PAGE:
US 4492731 A
Trilobal synthetic carpet filaments in a specified range of modification ratios and related arm angles exhibit a unique combination of high bulk and high sparkle.
1. Trilobal synthetic polymer filaments for carpet yarn having high bulk and high sparkle, said filaments having a cross-section consisting of three substantially equi-spaced, integrally joined arms of substantially similar shape and size, said cross-section having a modification ratio and arm angle within the range represented by the area enclosed by sides A,B,C, and D on FIG. 2 of the drawing.
2. The filaments of claim 1 wherein the synthetic polymer is nylon 6,6.
3. Crimped continuous filament yarn of the filaments of claim 1.
4. Crimped staple fiber yarn of the filaments of claim 1.
1. Field of the Invention
This invention relates to trilobal carpet filaments combining the aspects of high bulk and high sparkle.
2. Description of the Prior Art
The use of multilobal filaments in continuous filament or staple fiber form, particularly from nylon, for carpet yarn has been widely accepted for many years. U.S. Pat. No. 2,939,201 defined a group of trilobal filaments having improved resistance to soiling. The object of U.S. Pat. No. 3,097,416 was to provide filaments that exhibit a subdued luster, excellent covering power and high resistance to soiling. The Y-shaped synthetic filaments of U.S. Pat. No. 3,508,390 are said to provide an attractive appearance and dry hand in addition to a greater degree of covering power, greater bulk and a higher degree of contrast and pattern definition. U.S. Pat. No. 3,994,122 relates to crimped polyamide staple filament mixtures and yarn therefrom having high bulk and luster while being free of objectionable sparkle. Lastly U.K. Pat. No. 938,768 of 10/9/63 describes a spinning process for making trilobal synthetic filaments. None of the foregoing exemplifies a product having the bulk and sparkle of yarns of the present invention nor are such yarns suggested by the prior art. In general it was found that those prior art products with good sparkle had relatively low bulk and vice versa. The present invention identifies the critical relationship between selected filament cross-section parameters needed to achieve the combination of high bulk with high sparkle.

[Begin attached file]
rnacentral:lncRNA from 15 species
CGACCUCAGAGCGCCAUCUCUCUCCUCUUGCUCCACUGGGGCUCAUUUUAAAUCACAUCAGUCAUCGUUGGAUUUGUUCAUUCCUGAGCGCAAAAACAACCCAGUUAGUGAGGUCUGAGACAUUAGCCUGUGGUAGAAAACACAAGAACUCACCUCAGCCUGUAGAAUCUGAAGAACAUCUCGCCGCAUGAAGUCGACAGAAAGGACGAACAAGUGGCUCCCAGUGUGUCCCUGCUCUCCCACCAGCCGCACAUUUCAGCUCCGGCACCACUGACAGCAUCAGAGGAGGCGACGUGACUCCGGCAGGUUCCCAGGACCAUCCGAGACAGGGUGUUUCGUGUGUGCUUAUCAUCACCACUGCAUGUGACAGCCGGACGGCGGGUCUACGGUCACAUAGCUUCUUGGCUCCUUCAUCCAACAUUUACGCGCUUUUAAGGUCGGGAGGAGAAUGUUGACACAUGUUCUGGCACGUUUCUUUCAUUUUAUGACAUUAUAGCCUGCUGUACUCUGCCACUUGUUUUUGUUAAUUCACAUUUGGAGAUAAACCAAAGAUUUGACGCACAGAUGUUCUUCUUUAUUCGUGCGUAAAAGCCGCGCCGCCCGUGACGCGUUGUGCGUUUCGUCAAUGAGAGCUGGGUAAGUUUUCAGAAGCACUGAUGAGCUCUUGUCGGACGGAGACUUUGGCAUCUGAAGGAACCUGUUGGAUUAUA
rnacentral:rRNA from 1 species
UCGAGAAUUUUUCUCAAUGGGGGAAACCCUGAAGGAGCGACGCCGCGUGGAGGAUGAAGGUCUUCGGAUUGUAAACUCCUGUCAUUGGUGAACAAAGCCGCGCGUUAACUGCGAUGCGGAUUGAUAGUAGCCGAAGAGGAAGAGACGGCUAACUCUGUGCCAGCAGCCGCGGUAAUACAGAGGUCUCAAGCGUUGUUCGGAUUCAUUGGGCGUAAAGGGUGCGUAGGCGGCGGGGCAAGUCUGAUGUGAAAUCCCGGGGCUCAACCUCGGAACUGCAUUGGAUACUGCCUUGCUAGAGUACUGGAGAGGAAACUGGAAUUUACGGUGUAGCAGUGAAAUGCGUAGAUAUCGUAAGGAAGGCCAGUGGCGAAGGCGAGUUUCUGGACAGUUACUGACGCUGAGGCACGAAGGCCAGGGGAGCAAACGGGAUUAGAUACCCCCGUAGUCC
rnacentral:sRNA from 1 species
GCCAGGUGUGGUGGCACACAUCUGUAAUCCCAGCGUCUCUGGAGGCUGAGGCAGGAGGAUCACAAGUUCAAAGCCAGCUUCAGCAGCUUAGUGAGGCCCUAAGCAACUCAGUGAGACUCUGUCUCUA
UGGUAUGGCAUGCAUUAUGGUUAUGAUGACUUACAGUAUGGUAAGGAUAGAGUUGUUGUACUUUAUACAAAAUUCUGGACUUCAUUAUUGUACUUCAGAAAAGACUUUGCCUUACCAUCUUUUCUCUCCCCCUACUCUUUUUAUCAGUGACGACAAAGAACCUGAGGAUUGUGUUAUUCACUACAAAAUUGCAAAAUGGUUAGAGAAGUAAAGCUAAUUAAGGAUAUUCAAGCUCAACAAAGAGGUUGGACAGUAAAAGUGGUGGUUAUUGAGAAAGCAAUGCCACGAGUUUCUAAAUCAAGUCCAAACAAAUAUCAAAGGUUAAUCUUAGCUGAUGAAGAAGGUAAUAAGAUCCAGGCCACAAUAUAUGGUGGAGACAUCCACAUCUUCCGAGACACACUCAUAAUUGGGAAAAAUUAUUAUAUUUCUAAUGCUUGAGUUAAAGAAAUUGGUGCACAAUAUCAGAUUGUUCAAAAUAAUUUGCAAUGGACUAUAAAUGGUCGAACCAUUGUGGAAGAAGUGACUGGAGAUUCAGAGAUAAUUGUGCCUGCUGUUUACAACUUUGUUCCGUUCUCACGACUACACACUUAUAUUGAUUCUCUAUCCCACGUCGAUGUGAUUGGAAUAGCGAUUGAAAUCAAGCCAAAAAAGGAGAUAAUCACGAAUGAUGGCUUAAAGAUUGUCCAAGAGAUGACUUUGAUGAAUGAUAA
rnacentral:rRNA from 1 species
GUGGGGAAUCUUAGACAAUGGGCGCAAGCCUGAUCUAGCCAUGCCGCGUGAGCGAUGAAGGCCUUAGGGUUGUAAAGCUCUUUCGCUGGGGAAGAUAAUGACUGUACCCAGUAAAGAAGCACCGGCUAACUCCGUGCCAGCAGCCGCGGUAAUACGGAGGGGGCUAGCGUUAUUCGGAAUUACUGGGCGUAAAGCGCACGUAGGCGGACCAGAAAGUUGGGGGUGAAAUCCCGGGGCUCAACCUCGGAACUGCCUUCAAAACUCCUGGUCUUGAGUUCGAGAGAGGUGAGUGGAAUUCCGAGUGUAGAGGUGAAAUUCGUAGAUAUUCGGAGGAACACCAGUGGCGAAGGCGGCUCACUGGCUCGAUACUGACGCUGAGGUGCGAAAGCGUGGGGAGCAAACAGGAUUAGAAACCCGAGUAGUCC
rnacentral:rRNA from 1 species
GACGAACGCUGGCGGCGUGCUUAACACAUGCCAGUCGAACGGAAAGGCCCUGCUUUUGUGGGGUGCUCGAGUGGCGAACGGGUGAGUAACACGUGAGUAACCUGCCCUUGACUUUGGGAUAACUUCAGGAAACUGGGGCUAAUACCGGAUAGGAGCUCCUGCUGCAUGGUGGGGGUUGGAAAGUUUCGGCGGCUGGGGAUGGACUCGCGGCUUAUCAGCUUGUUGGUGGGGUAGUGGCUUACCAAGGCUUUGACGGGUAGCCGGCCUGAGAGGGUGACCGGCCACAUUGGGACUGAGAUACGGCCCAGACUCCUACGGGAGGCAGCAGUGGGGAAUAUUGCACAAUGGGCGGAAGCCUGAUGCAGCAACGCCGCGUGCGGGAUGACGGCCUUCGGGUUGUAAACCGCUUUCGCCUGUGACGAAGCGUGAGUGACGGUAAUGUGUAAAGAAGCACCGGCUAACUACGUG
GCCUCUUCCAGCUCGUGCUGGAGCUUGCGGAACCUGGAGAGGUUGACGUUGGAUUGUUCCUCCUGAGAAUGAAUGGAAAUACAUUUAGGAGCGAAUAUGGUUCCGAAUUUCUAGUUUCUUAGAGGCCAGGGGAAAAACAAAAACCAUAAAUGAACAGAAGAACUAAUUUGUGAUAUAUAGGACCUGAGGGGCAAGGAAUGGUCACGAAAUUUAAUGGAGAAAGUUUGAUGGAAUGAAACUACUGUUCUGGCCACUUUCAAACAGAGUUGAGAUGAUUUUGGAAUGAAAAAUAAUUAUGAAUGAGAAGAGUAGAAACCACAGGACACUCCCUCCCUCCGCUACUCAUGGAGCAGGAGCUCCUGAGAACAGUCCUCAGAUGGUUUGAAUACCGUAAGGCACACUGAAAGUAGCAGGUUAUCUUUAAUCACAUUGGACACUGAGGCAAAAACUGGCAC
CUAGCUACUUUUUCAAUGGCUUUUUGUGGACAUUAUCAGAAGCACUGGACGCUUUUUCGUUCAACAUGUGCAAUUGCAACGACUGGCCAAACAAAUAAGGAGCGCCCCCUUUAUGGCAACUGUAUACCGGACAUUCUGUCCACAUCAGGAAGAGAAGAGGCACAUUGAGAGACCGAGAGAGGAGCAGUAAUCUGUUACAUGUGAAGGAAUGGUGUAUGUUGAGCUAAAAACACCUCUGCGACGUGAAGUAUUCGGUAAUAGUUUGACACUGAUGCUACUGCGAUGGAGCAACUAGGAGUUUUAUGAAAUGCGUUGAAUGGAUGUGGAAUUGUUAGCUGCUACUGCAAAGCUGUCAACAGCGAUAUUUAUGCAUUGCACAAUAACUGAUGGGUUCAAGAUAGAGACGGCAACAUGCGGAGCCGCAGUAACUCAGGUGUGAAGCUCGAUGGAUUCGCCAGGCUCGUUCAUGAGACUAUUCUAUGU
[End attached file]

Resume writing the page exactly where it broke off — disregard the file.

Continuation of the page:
This invention provides trilobal filaments of synthetic polymers for carpet yarns of high bulk and high sparkle, said filaments having a cross-section consisting of three substantially equi-spaced, integrally joined arms of substantially similar shape and size, said cross-section having a modification ratio and arm angle within the range represented by the area enclosed by sides A,B,C, and D on FIG. 2 of the drawing.
FIG. 1 is an enlarged representation of a cross-section of a filament of this invention.
FIG. 2 is a graph showing the area bounded by sides A,B,C, and D which defines limits of the filament cross-section parameters that identify filaments of the present invention.
The term, modification ratio, (MR), means the ratio of the radius R2 of the circumscribed circle to the radius R1 of the inscribed circle as shown in FIG. 1.
The term, arm angle, (AA), is the angle formed by extension of sides of an arm as shown in FIG. 1.
The term, sparkle, means the specks of light perceived on yarn when intense light is directed at the yarn. This is due to minute fiber sections acting as mirrors or as reflecting prisms.
It has now been found that the combination of both high bulk and high sparkle of the yarns of the invention can be attributed to the use of synthetic polymeric filaments having a modification ratio and arm angle within the area bounded by sides A,B,C, and D in FIG. 2. In a general sense, the modification ratios can range from 2.2 to 4.0 while arm angles from 7° to 47° are useful; however, at both the lower and higher arm angles, only a very limited range of modification ratios will give the novel results. It will be understood by one skilled in the art that filaments of identical configuration but prepared from different synthetic polymers or from polymers having different crystalline or void contents can be expected to exhibit different sparkle. Also level and type of crimp applied will affect bulk. Nevertheless, it is believed that improved sparkle and bulk will be achieved with any synthetic polymeric filament of the now-specified configuration regardless of the particular polymer, and levels or type of crimp selected. The use of polyamides, particularly nylon 6,6, is preferred and conventional additives may be present.
The filaments of the invention are substantially uniform in cross-section along their length. They are crimped in order to provide additional bulk in the yarn. This can be accomplished by any of the well known methods, for example, by use of a stuffer box crimper, a gear crimper or by jet bulking. Since the yarn of this invention is primarily intended for use as carpet yarn, the denier of the individual filaments will be in the range of from 6 to 40, while the yarn denier will be at least about 400.